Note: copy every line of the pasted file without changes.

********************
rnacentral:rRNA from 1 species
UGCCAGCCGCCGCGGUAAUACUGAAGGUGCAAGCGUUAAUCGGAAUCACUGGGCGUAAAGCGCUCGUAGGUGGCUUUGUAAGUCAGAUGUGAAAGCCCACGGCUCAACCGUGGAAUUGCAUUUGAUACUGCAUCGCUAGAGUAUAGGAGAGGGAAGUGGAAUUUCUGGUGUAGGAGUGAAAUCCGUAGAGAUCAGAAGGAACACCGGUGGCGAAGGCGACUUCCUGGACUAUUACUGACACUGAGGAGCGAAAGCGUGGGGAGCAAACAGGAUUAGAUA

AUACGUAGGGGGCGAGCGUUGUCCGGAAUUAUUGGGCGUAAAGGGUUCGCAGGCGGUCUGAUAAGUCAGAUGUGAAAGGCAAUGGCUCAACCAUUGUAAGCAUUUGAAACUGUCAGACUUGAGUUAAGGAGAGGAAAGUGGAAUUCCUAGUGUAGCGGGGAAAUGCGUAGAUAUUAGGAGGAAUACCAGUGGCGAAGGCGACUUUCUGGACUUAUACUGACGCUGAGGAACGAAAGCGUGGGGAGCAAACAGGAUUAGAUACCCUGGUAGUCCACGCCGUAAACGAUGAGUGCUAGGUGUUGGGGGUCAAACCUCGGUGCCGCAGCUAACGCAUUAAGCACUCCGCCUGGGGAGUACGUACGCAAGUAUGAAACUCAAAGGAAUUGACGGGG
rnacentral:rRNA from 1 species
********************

rnacentral:rRNA from 1 species
UGCCAGCCGCCGCGGUAAUACUGAAGGUGCAAGCGUUAAUCGGAAUCACUGGGCGUAAAGCGCUCGUAGGUGGCUUUGUAAGUCAGAUGUGAAAGCCCACGGCUCAACCGUGGAAUUGCAUUUGAUACUGCAUCGCUAGAGUAUAGGAGAGGGAAGUGGAAUUUCUGGUGUAGGAGUGAAAUCCGUAGAGAUCAGAAGGAACACCGGUGGCGAAGGCGACUUCCUGGACUAUUACUGACACUGAGGAGCGAAAGCGUGGGGAGCAAACAGGAUUAGAUA

AUACGUAGGGGGCGAGCGUUGUCCGGAAUUAUUGGGCGUAAAGGGUUCGCAGGCGGUCUGAUAAGUCAGAUGUGAAAGGCAAUGGCUCAACCAUUGUAAGCAUUUGAAACUGUCAGACUUGAGUUAAGGAGAGGAAAGUGGAAUUCCUAGUGUAGCGGGGAAAUGCGUAGAUAUUAGGAGGAAUACCAGUGGCGAAGGCGACUUUCUGGACUUAUACUGACGCUGAGGAACGAAAGCGUGGGGAGCAAACAGGAUUAGAUACCCUGGUAGUCCACGCCGUAAACGAUGAGUGCUAGGUGUUGGGGGUCAAACCUCGGUGCCGCAGCUAACGCAUUAAGCACUCCGCCUGGGGAGUACGUACGCAAGUAUGAAACUCAAAGGAAUUGACGGGG
rnacentral:rRNA from 1 species